Pikmin hails from a time when Nintendo was, and I don’t mean to sound like I’m the first person to make this argument, more willing to take a risk. The GameCube was out, with its weirdly designed but still marginally industry-standard controller, and they took some gambles on new properties, like Luigi’s Mansion, Animal Crossing, and, yes, Pikmin. People who said Nintendo hadn’t been interesting since they defined 3D games on the N64 just weren’t looking hard enough. Pikmin has always impressed me, from its weirdness to its relative mechanical complexity and sharp visual style.
It deserves better.
I don’t mean to say Pikmin 3 is a bad game, because it’s not. It just doesn’t belong, not in this year, not with these controllers, and not on this console. Whether it’s a failing of design or the architecture surrounding it is hard to parse, but one thing’s for sure: Pikmin 3 is a troublingly unsatisfying experience.
The basic premise is the same (you crash land on a foreign planet, and become supreme leader of the Pikmin), but with a couple twists. You’re no longer looking for ship parts, but fruit, the likes of which will hopefully provide sustenance to the people starving back on your home planet. Some old Pikmin variants return, and new ones appear, from the fire-resistant Red Pikmin to the water-loving Blue. You also find and control three characters this time around: Alph, Brittany, and Captain Charlie.
This adds veracity to Miyamoto’s claim that Pikmin 3 is about “cooking,” the idea being that all three characters need to be in use at once, splitting your work load effectively in a plate-spinning act. It’s an admirable design philosophy, and one that should make use of the game’s mechanics in an engaging way.
Either Nintendo didn’t quite get a handle on the concept, or they were deathly afraid of alienating players, because the distinction between playing a Pikmin game with one protagonist versus three is dispiritingly minimal. Let me elucidate the “puzzle” surrounding their use; is there a small ledge in front of you? Throw some Pikmin and one of the leaders up there. Are there two platforms bordering a river, one with an arrow pointing across it, and the other with a giant ‘X’ in the arrow’s line of sight? Yeah.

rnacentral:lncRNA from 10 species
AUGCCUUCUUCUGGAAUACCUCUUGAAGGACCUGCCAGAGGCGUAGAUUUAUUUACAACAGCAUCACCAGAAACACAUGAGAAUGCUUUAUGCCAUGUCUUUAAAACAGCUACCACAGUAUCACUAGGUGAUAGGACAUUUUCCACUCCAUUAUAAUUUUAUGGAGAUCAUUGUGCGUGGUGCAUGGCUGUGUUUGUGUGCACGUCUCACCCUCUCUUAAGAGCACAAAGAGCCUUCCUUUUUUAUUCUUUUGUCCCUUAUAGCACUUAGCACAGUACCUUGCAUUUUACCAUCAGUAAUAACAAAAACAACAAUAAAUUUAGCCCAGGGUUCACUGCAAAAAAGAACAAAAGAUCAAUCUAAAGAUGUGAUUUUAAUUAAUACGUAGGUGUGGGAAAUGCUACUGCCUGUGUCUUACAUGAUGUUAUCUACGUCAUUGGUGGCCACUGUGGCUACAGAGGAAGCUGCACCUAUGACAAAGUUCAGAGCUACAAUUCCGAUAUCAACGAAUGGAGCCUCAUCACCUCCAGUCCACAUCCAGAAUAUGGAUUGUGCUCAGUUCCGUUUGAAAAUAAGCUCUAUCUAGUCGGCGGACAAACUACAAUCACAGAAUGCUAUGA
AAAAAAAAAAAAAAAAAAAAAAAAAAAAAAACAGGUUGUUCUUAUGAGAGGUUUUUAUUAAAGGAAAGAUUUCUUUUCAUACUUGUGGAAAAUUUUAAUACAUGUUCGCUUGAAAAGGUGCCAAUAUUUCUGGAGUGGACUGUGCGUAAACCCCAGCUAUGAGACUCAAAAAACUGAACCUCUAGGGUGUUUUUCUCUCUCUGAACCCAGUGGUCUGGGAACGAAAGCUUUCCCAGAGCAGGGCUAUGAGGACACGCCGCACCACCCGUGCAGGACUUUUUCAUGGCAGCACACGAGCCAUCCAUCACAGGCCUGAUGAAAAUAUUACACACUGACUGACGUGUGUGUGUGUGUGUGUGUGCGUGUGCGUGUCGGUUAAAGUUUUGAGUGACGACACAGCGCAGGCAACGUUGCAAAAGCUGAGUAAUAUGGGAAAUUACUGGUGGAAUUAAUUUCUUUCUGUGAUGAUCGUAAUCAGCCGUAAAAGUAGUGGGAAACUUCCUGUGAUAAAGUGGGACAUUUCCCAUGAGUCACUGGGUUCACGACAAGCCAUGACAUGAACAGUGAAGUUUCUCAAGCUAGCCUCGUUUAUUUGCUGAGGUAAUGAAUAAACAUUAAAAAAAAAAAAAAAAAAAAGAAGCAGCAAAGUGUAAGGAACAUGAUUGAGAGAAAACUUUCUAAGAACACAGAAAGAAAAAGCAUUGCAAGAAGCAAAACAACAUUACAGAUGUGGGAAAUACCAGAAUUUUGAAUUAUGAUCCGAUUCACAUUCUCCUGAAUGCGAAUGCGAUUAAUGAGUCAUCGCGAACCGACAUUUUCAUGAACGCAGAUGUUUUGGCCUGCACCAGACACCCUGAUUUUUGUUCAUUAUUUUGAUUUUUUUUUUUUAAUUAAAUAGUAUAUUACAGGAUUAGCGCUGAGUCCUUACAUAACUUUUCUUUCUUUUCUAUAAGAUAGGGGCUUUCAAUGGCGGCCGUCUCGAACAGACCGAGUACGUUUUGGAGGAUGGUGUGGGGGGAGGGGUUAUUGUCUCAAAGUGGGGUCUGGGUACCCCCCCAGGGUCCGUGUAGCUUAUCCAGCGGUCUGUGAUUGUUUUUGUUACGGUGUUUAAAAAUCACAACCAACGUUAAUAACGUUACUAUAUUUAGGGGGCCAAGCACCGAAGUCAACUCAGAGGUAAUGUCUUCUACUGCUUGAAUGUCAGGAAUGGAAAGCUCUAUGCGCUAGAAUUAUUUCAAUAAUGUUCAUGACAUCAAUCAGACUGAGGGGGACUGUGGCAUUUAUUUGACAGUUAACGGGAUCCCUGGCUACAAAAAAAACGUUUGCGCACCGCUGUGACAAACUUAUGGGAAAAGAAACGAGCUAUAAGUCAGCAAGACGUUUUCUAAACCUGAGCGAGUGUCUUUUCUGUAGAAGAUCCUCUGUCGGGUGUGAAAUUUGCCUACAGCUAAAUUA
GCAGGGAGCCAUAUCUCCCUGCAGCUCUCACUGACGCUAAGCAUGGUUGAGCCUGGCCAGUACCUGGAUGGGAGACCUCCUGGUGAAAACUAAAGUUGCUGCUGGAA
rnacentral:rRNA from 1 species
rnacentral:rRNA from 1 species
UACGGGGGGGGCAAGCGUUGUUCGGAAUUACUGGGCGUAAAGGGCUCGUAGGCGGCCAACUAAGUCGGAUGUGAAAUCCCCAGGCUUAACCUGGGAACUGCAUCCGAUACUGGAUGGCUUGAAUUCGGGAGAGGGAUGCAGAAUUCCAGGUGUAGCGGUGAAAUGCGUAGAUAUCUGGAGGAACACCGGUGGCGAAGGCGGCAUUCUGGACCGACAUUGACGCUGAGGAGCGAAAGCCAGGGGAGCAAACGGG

It could be argued that maximum efficiency is only possible with complex use of each character, which I’m sure is true, but I honestly don’t know why anyone would need to be that frantic. For a game based around survival, I never felt especially threatened. Each day spent exploring eats up one ration of fruit, and I’d assume exhausting the supply would result in a game over screen. I wouldn’t know. By the end of the game, I’d accumulated over 20 days worth of fruit juice. Even a late-game scenario that strips you of your safety net is tremendously easy to rebound from.
That pervasive simplicity does a disservice to Pikmin 3’s potential gameplay depth. What worked in the earlier games still works, but it’s rather egregious to have an experience so similar two console generations and nine years later. Even when modern Nintendo has only visited a unique concept twice, they find a way to make it tiresome and expected.
The final level of the game is actually almost entirely what I would’ve liked from the whole game: tense, challenging, and requiring smart squad management. Distanced from my academic appreciation of its design, the whole thing is pretty frustrating, solely because the game makes no attempt to prepare you for the difficulty spike. Or, if it does, the job’s sorely unfinished.
In fact, almost all of Pikmin 3’s flirtations with challenge come from an artificial place. Boss battles are routinely the worst part of the game, and they can stretch on for in-game days at a time. Their visual design is, like the whole game, pretty stellar, and most of them are actually pretty conceptually strong. The biggest issue, with both these sequences and the entirety of the game, lies in control.